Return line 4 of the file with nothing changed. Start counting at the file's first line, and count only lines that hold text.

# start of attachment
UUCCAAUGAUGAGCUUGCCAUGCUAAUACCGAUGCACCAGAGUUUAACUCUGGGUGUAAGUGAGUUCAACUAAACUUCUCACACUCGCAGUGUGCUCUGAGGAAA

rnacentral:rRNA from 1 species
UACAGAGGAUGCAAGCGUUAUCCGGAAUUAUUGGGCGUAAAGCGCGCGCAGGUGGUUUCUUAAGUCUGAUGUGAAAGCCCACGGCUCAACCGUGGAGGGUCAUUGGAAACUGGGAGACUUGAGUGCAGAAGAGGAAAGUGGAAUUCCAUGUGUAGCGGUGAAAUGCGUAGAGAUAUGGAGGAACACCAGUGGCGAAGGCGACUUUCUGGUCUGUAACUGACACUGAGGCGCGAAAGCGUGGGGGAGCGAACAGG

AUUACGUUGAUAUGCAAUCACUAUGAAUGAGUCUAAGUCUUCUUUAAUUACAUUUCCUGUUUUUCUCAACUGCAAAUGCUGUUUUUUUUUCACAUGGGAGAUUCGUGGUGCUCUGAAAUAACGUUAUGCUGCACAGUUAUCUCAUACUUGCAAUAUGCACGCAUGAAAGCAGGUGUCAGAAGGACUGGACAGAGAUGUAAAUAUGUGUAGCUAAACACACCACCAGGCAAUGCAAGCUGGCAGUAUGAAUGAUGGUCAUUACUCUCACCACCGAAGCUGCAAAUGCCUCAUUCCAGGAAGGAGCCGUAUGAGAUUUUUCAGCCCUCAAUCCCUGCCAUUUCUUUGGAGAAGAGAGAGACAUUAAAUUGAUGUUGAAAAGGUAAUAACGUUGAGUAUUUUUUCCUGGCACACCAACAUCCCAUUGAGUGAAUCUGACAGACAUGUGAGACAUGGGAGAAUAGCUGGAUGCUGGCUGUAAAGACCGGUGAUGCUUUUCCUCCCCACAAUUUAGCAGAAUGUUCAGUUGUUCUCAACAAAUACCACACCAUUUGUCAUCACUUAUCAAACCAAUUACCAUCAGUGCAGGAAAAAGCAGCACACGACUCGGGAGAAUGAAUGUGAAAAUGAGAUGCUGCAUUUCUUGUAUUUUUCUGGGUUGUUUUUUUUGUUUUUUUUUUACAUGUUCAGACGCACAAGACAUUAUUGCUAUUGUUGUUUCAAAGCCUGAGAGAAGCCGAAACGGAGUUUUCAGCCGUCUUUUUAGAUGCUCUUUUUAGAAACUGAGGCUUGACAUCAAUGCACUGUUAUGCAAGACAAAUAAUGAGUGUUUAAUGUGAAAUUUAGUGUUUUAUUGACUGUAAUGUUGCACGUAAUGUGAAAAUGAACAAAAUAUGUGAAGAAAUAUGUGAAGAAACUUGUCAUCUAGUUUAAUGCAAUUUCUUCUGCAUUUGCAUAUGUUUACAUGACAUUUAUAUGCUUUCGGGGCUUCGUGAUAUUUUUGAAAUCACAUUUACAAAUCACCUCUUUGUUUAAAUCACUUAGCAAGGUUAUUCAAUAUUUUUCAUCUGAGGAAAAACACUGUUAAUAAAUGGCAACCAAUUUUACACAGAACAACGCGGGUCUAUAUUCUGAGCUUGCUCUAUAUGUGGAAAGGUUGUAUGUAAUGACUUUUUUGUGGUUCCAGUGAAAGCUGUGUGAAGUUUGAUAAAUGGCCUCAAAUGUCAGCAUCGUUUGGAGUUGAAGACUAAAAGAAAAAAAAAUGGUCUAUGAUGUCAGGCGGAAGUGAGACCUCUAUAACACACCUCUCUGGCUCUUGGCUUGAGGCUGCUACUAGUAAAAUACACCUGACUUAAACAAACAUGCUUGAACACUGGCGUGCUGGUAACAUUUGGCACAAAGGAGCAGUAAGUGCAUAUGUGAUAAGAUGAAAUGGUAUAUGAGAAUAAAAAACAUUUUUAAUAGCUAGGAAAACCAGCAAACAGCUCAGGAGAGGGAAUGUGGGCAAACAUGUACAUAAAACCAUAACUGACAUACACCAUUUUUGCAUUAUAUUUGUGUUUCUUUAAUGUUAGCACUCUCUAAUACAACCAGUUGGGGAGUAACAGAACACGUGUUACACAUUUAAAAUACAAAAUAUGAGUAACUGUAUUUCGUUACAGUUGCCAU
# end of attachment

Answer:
AUUACGUUGAUAUGCAAUCACUAUGAAUGAGUCUAAGUCUUCUUUAAUUACAUUUCCUGUUUUUCUCAACUGCAAAUGCUGUUUUUUUUUCACAUGGGAGAUUCGUGGUGCUCUGAAAUAACGUUAUGCUGCACAGUUAUCUCAUACUUGCAAUAUGCACGCAUGAAAGCAGGUGUCAGAAGGACUGGACAGAGAUGUAAAUAUGUGUAGCUAAACACACCACCAGGCAAUGCAAGCUGGCAGUAUGAAUGAUGGUCAUUACUCUCACCACCGAAGCUGCAAAUGCCUCAUUCCAGGAAGGAGCCGUAUGAGAUUUUUCAGCCCUCAAUCCCUGCCAUUUCUUUGGAGAAGAGAGAGACAUUAAAUUGAUGUUGAAAAGGUAAUAACGUUGAGUAUUUUUUCCUGGCACACCAACAUCCCAUUGAGUGAAUCUGACAGACAUGUGAGACAUGGGAGAAUAGCUGGAUGCUGGCUGUAAAGACCGGUGAUGCUUUUCCUCCCCACAAUUUAGCAGAAUGUUCAGUUGUUCUCAACAAAUACCACACCAUUUGUCAUCACUUAUCAAACCAAUUACCAUCAGUGCAGGAAAAAGCAGCACACGACUCGGGAGAAUGAAUGUGAAAAUGAGAUGCUGCAUUUCUUGUAUUUUUCUGGGUUGUUUUUUUUGUUUUUUUUUUACAUGUUCAGACGCACAAGACAUUAUUGCUAUUGUUGUUUCAAAGCCUGAGAGAAGCCGAAACGGAGUUUUCAGCCGUCUUUUUAGAUGCUCUUUUUAGAAACUGAGGCUUGACAUCAAUGCACUGUUAUGCAAGACAAAUAAUGAGUGUUUAAUGUGAAAUUUAGUGUUUUAUUGACUGUAAUGUUGCACGUAAUGUGAAAAUGAACAAAAUAUGUGAAGAAAUAUGUGAAGAAACUUGUCAUCUAGUUUAAUGCAAUUUCUUCUGCAUUUGCAUAUGUUUACAUGACAUUUAUAUGCUUUCGGGGCUUCGUGAUAUUUUUGAAAUCACAUUUACAAAUCACCUCUUUGUUUAAAUCACUUAGCAAGGUUAUUCAAUAUUUUUCAUCUGAGGAAAAACACUGUUAAUAAAUGGCAACCAAUUUUACACAGAACAACGCGGGUCUAUAUUCUGAGCUUGCUCUAUAUGUGGAAAGGUUGUAUGUAAUGACUUUUUUGUGGUUCCAGUGAAAGCUGUGUGAAGUUUGAUAAAUGGCCUCAAAUGUCAGCAUCGUUUGGAGUUGAAGACUAAAAGAAAAAAAAAUGGUCUAUGAUGUCAGGCGGAAGUGAGACCUCUAUAACACACCUCUCUGGCUCUUGGCUUGAGGCUGCUACUAGUAAAAUACACCUGACUUAAACAAACAUGCUUGAACACUGGCGUGCUGGUAACAUUUGGCACAAAGGAGCAGUAAGUGCAUAUGUGAUAAGAUGAAAUGGUAUAUGAGAAUAAAAAACAUUUUUAAUAGCUAGGAAAACCAGCAAACAGCUCAGGAGAGGGAAUGUGGGCAAACAUGUACAUAAAACCAUAACUGACAUACACCAUUUUUGCAUUAUAUUUGUGUUUCUUUAAUGUUAGCACUCUCUAAUACAACCAGUUGGGGAGUAACAGAACACGUGUUACACAUUUAAAAUACAAAAUAUGAGUAACUGUAUUUCGUUACAGUUGCCAU